Mobile Fix-December 14

7 min readDec 14, 2018


The challenge/opportunity for us all in 2019

New tv

Of all the themes we cover NewTV has probably seen the most change in 2018. When we ran our VC event on this topic in New York in April we were excited by how much momentum was building. And that has only accelerated since then.

The latest Nielsen data on US TV viewing is out and shows the scale of the change. Matthew Ball has done some analysis which shows trad TV is aging dramatically — if you are under 50 you are watching at least 23% less Pay TV than in 2010. The only growth is in the 65+

As viewers migrate to OTT the ad model is under question with companies like Roku trying to rethink the customer experience. Pausevertising is one innovation being considered by Hulu and AT&T

It is still an immature market with too many players, which can confuse consumers and advertisers. This analysis shows how much cross over there is on movies etc on Amazon and Netflix. And this FT piece uses Friends to highlight the complexity — AT&T own the rights and make $100m a year from Netflix — but surely they will use their asset to drive subscriptions to their own service?. At some point. The supply of programing isn’t going to slow — the FT piece talk of this and a leaked deck from Jeffrey Katzenbergs new mobile video service predicts they will invest up to a $1billion on content.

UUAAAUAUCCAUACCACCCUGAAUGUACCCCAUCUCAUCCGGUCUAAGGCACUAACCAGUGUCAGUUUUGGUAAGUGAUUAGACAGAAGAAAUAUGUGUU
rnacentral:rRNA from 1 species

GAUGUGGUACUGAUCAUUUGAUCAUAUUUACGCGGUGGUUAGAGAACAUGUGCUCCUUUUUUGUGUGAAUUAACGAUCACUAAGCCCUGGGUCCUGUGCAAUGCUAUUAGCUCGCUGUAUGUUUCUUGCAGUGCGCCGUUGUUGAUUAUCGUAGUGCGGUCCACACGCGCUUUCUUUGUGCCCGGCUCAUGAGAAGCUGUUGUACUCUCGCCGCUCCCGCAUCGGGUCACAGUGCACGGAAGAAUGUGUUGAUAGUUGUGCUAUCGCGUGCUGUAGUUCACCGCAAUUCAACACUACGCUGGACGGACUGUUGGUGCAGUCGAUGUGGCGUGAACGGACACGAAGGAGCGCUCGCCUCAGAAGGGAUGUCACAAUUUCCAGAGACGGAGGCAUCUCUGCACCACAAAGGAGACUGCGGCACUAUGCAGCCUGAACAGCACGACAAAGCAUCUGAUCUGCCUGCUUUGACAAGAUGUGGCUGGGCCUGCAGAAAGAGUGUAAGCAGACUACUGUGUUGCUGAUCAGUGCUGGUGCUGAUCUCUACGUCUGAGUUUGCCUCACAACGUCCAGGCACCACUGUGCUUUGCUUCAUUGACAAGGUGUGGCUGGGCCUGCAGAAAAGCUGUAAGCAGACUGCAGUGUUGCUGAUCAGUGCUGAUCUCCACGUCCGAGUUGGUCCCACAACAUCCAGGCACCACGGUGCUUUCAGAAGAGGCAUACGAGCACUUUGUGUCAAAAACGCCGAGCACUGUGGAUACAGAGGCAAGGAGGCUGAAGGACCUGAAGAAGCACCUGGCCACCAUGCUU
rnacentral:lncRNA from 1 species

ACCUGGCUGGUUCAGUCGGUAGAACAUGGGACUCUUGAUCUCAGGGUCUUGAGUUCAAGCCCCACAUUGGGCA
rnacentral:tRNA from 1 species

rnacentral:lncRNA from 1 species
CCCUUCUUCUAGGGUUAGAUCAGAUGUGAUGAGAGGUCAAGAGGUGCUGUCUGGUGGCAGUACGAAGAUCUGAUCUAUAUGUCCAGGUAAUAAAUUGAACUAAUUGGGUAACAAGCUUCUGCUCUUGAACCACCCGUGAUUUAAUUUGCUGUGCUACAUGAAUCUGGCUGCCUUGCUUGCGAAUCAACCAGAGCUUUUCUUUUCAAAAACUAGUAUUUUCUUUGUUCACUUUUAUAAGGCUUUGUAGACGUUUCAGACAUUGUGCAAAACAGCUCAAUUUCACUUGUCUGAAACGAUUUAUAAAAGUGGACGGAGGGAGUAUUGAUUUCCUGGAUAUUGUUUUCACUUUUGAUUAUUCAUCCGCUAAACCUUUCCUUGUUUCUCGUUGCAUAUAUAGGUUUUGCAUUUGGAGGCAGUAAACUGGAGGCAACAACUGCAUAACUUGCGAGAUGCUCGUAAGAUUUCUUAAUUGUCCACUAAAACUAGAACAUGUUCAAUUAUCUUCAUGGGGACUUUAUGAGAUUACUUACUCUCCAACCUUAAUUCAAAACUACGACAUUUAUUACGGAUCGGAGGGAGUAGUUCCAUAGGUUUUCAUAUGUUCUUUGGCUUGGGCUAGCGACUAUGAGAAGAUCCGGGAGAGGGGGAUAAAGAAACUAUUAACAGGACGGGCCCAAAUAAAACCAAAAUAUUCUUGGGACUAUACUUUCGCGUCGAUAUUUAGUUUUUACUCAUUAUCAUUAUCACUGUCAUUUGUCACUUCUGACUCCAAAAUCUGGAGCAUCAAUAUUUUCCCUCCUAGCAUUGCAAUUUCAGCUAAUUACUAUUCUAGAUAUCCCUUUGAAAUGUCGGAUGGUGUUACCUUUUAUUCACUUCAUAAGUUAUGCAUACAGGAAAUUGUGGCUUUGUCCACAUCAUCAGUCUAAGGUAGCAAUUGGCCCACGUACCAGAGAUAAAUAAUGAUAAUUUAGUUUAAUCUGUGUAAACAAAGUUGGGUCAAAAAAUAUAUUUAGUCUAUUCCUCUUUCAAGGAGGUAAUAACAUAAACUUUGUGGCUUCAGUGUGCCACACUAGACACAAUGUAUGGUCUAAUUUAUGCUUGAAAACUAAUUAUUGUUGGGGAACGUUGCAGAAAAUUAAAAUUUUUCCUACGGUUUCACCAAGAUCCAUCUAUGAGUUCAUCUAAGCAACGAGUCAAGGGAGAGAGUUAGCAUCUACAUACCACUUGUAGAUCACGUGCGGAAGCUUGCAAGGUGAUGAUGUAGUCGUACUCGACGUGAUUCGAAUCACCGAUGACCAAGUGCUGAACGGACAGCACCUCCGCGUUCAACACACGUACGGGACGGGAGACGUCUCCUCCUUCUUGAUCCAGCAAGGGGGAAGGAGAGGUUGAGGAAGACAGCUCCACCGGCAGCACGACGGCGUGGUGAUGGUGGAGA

But this is based on subscriber levels. And there is the chicken and the egg of newTV. And most content businesses. You need rare / scarce content to attract eyeballs and you need eyeballs to pay for the content — whether they be monetized by subscriptions or ads or a combination. In sports it is equally challenging — as Eleven seem to be finding.

Every OTT player needs to have their target consumer understand what content they have, understand how to access it and understand the value. Only then might they subscribe.


With WPP restructuring and Accenture buying highly rated agency Adaptly the changes in the Ad business continues. Adaptly are described as an adtech firm and as a Facebook marketing partner they have a deeper dependence on tech than a typical agency. We know them reasonably well as our parent company MDC invested at Series A and they spoke at our last VC conference. They look like a modern agency should look like.

By operating at the Marketing Partner level one guesses they can make better margins than an agency can — and a former WPP exec argues Agencies can’t do their best work as they are no longer paid enough.

The Inhousing trend — which is essentially deconstructing agencies — is both a cause and consequence of these changes and here Unilever Intel and others share their learnings